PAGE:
Your first step to supremacy is not just studying the players, but the coaches as well. My only loss during that league came during week four when the Packers were at Minnesota, down two possessions while hemorrhaging time. On fourth and one at the Vikings 1-yard line, I’ve got Ryan Grant itching to get into the end zone and save face, literally. Packers come out with five receivers, at which point, I began screaming at the television, luckily Mike McCarthy calls a timeout. I catch my breath, only to see the same five wide receivers come out onto the field after the long commercial break.

Incomplete pass. SLAP.

The key to fantasy is not to let other people’s decisions force you into compromising. You can draft on auto and still make the playoffs; winning “The Shiva Bowl” takes a whole other riskier strategy.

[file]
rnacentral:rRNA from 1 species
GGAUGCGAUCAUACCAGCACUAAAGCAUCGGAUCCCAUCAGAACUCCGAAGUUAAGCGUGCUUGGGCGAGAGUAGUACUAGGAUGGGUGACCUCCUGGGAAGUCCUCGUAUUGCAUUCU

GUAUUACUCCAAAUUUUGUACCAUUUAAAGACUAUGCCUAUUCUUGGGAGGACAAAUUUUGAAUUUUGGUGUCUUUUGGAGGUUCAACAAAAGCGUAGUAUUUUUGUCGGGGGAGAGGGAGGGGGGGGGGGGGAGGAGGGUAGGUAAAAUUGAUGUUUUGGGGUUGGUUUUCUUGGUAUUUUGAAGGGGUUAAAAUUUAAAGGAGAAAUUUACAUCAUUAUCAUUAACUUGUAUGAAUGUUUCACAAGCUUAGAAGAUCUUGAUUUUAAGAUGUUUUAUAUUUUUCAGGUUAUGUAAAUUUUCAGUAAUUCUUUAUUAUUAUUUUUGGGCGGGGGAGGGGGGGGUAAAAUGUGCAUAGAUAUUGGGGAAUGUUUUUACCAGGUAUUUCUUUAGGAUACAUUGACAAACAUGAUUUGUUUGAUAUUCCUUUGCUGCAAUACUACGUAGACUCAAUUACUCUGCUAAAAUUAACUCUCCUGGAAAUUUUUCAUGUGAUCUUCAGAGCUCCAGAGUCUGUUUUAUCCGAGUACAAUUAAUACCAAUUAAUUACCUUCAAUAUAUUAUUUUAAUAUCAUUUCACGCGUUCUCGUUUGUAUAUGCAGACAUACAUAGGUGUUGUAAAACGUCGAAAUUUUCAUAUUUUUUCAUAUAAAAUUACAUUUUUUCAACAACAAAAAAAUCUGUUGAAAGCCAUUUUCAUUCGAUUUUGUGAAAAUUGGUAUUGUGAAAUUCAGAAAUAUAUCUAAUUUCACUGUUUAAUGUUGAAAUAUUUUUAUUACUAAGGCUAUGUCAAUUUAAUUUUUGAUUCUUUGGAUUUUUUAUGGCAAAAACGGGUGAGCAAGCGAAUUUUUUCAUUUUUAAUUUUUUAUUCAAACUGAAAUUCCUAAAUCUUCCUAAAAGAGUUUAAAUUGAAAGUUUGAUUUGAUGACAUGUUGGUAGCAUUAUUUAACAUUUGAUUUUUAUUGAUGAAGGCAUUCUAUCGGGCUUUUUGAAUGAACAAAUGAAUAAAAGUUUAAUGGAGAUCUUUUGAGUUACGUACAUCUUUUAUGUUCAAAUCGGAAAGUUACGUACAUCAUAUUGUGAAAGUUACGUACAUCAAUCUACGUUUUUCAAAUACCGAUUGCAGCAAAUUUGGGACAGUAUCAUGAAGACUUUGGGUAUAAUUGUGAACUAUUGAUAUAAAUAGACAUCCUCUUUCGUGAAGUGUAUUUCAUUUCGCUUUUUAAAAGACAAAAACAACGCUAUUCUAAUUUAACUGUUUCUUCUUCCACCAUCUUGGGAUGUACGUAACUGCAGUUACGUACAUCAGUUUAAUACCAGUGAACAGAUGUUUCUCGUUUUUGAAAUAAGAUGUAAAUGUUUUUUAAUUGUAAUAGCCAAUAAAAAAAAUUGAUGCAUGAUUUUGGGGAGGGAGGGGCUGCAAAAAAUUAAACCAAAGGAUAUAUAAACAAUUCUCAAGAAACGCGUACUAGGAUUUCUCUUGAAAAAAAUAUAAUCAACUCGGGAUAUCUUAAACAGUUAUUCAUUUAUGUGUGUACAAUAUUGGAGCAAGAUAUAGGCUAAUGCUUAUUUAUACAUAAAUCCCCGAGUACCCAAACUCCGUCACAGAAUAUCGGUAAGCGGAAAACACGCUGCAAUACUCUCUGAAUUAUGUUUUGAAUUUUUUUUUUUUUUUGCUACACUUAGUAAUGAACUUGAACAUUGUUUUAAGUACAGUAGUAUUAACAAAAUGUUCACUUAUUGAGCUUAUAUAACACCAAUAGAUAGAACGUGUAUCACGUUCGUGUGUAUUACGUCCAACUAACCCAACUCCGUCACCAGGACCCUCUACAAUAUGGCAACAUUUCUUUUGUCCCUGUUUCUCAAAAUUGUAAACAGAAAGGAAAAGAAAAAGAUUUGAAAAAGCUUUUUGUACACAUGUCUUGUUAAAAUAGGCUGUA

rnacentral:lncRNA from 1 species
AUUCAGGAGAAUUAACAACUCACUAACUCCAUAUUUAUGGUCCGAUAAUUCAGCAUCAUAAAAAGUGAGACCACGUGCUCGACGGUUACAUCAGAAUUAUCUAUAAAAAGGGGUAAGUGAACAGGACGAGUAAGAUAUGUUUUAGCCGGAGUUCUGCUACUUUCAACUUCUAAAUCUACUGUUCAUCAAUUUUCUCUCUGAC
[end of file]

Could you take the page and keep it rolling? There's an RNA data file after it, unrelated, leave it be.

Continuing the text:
Quarterbacks:

The most stable of the big three positions. In any ten to twelve team league getting an above average quarterback while buying low is a great way to stock up on more rocky positions. ESPN.com ranks Carson Palmer, Mark Sanchez, and super sleeper Jason Campbell in the bottom half of the starting 30. Don’t be afraid to pick up a your #1 QB late as long as you can get an decent #2 you can handcuff and possibly trade with.

Sleeper:

Jason Campbell: ESPN may rank the “Sanchize” lower, but Al Davis loves the vertical game and with a weak division, Campbell has the arm strength to deliver. I may be a Redskins homer, but they had a terrible O-line and wouldn’t let him throw the ball down the field. Look to him for big weeks against weak secondaries.

Stay away from: